The McDonald's Filet-o-Fish sandwich consists of a square, breaded white fish filet -- usually Atlantic Pollock -- topped by tartar sauce and American cheese served on a hamburger roll. This sandwich originated in St. Louis in the 1960s with a McDonald's franchise owner in a heavily Catholic location who was looking for a way to boost sales on Fridays, a day when Catholics traditionally eschew meat. While the Filet-o-Fish is quite high in fat and calories, it contains a wealth of vitamins and minerals.
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Calories and Fat
A serving of Filet-o-Fish – one sandwich – has 400 calories, representing 20 percent of the calories you may include in your daily meal plan if you adhere to a 2,000-calorie diet. Your daily calorie requirements vary depending on your height, weight and other factors; consult your physician for advice. Nearly half the calories of a Filet-o-Fish come from fat, the 20.5 g of fat per serving can eat up almost one-half to one-third of your allotted fat – 44 to 78 g per day.
Carbohydrates and Protein
One Filet-o-Fish contains 40.3 g of carbohydrates and 14.8 g of protein. The Institute of Medicine recommends including 130 g of carbs and 46 to 56 g of protein in your meal plan each day. These macronutrients both serve as a source of energy for your body, but they have other functions as well. The protein in a Filet-o-Fish helps you build muscle and make important hormones and enzymes, and carbohydrates can play a role in your digestive and bowel health.
Vitamins and Minerals
A serving of Filet-o-Fish serves as a good source of thiamin, or vitamin B-1, delivering 24 percent of the daily recommended intake. This vitamin maintains the function of your nervous system, heart and muscles, and, like all B vitamins, it aids in converting carbs to energy your body can use. One sandwich also provides 17 percent of the vitamin B-12, niacin and phosphorus you require daily, as well as 16 percent of the suggested daily value of calcium.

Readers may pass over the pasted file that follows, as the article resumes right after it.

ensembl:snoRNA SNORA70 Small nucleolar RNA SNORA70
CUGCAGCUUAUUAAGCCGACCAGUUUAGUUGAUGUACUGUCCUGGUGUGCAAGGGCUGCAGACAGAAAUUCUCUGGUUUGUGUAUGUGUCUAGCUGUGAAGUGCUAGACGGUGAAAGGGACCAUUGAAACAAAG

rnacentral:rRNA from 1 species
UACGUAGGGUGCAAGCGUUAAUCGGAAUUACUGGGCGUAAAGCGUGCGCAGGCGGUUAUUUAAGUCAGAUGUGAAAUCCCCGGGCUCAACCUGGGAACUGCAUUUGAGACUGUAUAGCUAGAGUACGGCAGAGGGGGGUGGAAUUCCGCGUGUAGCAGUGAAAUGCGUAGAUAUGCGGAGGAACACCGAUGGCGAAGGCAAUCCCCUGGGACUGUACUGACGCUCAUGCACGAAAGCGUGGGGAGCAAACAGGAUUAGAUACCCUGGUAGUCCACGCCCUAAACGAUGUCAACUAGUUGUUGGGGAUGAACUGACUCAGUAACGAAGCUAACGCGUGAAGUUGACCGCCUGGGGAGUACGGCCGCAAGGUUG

Along with having a high amount of fat, a Filet-o-Fish sandwich contains quite a bit of sodium. Each sandwich has 633.1 g, more than one-third of the recommended daily limit of 1,500 mg. Limit your consumption of sodium whenever possible as too much in your diet can increase chances of developing high blood pressure, putting you at risk of heart attack and stroke.
All fish contains mercury, but Pollock contains a very low level of this potentially dangerous contaminant. In addition, eating a Filet-o-Fish gives you omega-3 fatty acids, a compound that offers benefits for your brain and heart.
REFERENCES & RESOURCES
- "USA Today"; No Fish Story: Sandwich Saved His McDonald's; Paul Clark; Feb 20, 2007
- FitBit: Filet-o-Fish
- Institute of Medicine: Dietary Reference Intakes
- McKinley Health Center: Macronutrients: the Importance of Carbohydrate, Protein, and Fat
- MedlinePlus: Thiamine
- U.S. Centers for Disease Control and Prevention: Americans Consume Too Much Sodium
- Colorado State University Extension; Omega-3 Fatty Acids; L. Bellows et al; September 2010